Ben Affleck’s third thriller, Argo, is a marvel of cunning, an irresistible blend of cool realism and Hollywood hokum. It opens with a dose of fact, a female narrator’s sober recitation of the U.S. role in the 1953 Iranian coup that installed our best bud, the shah, and the coming of the Shiite revolution and the ayatollah. Noam Chomsky would nod along: It’s solid anti-imperialist stuff. Then comes another view, a blast of what a Newsweek cover labeled “Muslim Rage,” a mob converging on Tehran’s American Embassy to rend Our People limb from limb. Affleck intercuts real footage of the 1979 takeover with expert reenactments. We’re sold: This is how it was.
The events Argo chronicles were classified for years, long enough to give the film a juicy, Now It Can Be Told! vibe. The title comes from an apparently risible Star Wars–knockoff screenplay used as a pretext to get six Americans out of Iran. The group—four men, two women—had slipped from the embassy and hidden in the Canadian ambassador’s basement, and the fear was that if discovered, they wouldn’t be tossed in with the hostages but “die badly and publicly.” Chris Terrio’s script makes much of CIA incompetence, from the agency’s confident prediction that there wouldn’t be a revolution to its pitiful scenarios for the sextet’s escape—among them a 300-mile bicycle trip in winter to the mountains of Turkey. Then CIA maverick Antonio Mendez (Affleck) catches a bit of a Planet of the Apes sequel on TV and hatches a scheme by which the six would leave Iran posing as a film crew on a location scout—what Mendez’s boss (Bryan Cranston in yet another drab movie role) calls “the best bad idea we have.”
What a mix: poker-faced espionage and broad showbiz satire. John Goodman plays (real) makeup whiz John Chambers (he did the Apes pictures), who brings Mendez to (fictional) producer Lester Siegel (Alan Arkin), a has-been with a yen to make headlines in Variety again. Goodman is a hoot, and Arkin knows the right speed (fast) for Siegel’s Hollywood-bubble-creature patter.
Arkin and Goodman have the only colorful parts, though. Affleck likes to cast himself in immodestly sized leads but is careful not to be caught showboating. He and Terrio don’t use the fugitives to tug on our heartstrings. Swilling red wine out of nice goblets, they’re not, collectively, an attractive bunch, although it’s nice to see Clea Duvall onscreen again. The credits show the actors side by side with their look-alike real-life counterparts, communicating the idea that (a) the filmmakers have taken zero liberties, and (b) the seventies was history’s worst hair decade.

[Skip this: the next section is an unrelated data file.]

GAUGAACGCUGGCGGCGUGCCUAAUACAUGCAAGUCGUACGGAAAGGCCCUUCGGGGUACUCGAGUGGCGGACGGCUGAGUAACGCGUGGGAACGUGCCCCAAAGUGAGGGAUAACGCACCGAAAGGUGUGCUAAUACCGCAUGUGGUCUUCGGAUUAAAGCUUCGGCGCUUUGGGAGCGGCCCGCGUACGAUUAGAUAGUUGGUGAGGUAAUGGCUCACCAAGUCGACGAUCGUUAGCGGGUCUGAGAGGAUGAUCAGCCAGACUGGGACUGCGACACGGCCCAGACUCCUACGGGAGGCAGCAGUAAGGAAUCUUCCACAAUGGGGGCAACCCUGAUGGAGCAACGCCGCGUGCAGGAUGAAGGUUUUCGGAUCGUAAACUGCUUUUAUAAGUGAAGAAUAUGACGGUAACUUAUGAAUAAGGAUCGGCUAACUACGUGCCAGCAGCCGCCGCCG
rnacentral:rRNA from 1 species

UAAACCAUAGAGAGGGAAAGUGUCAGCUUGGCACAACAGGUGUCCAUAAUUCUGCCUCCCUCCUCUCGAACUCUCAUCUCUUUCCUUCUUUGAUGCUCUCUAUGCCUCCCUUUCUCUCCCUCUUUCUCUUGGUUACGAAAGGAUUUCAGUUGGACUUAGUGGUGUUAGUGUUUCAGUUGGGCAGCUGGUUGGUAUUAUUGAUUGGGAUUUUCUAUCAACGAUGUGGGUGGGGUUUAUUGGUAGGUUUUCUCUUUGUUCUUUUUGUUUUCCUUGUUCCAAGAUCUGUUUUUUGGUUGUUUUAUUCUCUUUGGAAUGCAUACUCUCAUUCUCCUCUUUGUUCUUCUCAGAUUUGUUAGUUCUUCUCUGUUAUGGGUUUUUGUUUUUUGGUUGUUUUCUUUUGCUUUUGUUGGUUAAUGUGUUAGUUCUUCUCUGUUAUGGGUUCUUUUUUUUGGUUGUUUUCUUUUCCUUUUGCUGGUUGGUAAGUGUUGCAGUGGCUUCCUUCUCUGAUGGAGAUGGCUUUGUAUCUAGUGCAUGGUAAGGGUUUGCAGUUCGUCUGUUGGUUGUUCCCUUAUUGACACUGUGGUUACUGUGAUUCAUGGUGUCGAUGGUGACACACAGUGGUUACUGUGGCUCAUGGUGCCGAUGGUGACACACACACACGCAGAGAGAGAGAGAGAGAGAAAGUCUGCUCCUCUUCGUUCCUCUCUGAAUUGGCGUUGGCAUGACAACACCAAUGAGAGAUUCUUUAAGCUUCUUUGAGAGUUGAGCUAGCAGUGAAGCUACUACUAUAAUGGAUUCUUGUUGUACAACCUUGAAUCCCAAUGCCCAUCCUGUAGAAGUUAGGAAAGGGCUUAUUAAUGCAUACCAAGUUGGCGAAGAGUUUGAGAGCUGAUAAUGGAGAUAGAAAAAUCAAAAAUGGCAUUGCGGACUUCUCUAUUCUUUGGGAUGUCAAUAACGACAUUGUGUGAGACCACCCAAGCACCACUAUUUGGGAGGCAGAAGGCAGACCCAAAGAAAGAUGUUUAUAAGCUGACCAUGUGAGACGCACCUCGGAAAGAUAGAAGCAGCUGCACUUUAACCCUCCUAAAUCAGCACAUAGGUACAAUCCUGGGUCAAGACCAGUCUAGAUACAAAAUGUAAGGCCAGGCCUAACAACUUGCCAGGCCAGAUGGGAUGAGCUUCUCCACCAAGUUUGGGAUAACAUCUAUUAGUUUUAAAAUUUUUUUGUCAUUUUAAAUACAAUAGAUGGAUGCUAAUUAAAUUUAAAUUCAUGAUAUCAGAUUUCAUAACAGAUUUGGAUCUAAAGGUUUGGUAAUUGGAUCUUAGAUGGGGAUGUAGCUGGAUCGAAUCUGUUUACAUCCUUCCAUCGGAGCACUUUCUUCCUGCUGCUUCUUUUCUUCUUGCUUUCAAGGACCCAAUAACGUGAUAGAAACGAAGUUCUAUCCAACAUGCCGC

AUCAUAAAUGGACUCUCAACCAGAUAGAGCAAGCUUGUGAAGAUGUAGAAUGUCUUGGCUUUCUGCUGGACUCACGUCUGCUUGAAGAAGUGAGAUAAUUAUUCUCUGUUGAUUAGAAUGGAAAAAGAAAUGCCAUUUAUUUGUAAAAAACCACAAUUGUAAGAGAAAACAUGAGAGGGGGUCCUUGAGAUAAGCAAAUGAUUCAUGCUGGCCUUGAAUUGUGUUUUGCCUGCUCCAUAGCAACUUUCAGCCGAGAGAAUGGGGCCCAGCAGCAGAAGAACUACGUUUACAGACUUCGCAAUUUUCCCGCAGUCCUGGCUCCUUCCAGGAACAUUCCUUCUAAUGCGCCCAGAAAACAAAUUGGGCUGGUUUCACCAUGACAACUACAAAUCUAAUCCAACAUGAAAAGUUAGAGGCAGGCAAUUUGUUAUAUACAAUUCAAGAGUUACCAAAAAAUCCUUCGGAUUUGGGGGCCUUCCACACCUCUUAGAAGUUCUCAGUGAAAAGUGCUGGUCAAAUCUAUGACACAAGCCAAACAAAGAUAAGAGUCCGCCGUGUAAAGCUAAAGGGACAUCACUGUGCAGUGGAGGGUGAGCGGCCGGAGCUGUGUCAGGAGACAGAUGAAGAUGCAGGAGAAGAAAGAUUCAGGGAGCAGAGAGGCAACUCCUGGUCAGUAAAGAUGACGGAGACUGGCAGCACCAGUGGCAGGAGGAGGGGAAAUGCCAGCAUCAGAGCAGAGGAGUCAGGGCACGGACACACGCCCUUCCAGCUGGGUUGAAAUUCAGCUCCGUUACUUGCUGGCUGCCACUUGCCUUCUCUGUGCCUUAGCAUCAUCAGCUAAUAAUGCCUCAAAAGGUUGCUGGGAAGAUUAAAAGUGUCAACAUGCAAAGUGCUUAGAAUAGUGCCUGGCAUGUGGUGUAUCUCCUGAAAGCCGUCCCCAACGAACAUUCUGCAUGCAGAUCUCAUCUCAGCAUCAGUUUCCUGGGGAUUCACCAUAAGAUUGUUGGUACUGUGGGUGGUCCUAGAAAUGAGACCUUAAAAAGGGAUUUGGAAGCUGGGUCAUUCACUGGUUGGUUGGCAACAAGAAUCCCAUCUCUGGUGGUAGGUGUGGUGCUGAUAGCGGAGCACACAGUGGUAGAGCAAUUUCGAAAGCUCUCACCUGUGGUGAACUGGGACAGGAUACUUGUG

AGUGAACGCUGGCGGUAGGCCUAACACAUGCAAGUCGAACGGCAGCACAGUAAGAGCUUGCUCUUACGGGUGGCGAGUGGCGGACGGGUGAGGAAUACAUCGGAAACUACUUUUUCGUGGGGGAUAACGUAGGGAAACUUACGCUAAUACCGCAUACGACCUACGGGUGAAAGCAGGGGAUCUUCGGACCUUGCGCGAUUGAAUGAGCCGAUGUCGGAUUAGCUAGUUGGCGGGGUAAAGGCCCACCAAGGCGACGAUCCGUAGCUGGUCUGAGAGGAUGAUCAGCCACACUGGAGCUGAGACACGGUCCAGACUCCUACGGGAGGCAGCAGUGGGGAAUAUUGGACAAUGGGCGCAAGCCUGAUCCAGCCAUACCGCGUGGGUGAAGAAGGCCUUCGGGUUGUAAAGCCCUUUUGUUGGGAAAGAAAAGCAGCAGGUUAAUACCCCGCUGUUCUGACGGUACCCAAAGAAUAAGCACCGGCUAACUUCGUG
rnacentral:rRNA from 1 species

But a docudrama Argo isn’t. In the climax, Affleck has us in the oldest of Hollywood’s vises. As the Americans make their undercover way to the plane that will carry them to safety, the Iranians gradually learn they’ve been hoodwinked and roar off in pursuit—some of us (I’m guilty) leaning forward in our chairs and chanting, “Go. Go. Go. Gogogogogogogogogogogo. For fuck’s sake, go!!!!!!!!!” The actual escape was nothing like that, but how much reality can we be expected to take? Studios can do business with a director who has such a potent combination of seriousness and shamelessness.
In Seven Psychopaths and his first full-length film, In Bruges, Irish playwright and filmmaker Martin McDonagh indulges a taste for hit-men thrillers rich in genre-conscious banter and splattery violence. The debt to Tarantino is obvious, but McDonagh’s kicky carnage has an element of blasphemy—the characters (and their creator) defying a God that will surely send them to hell. His protagonist (Colin Farrell, superb) is an Irish screenwriter living in Hollywood and free-associating a psycho-killer script while around him revolve an assortment of actual psychos telling their stories, the line between reality and fantasy so blurred that the blurring itself becomes the joke—a brilliant one. Sam Rockwell kills as the hero’s loony tunes best friend, deliciously abetted by Christopher Walken as an aging, sad-sack dognapper. (Guest hipster psychos include Woody Harrelson, Harry Dean Stanton, and Tom Waits.) The trouble is that after an hour of going with the blood flow, McDonagh maroons his characters in the desert and the meta turns monotonous. Seven Psychopaths doesn’t jell, but it’s enough of a crowd-pleaser to make you worried about how pleased the crowd around you is.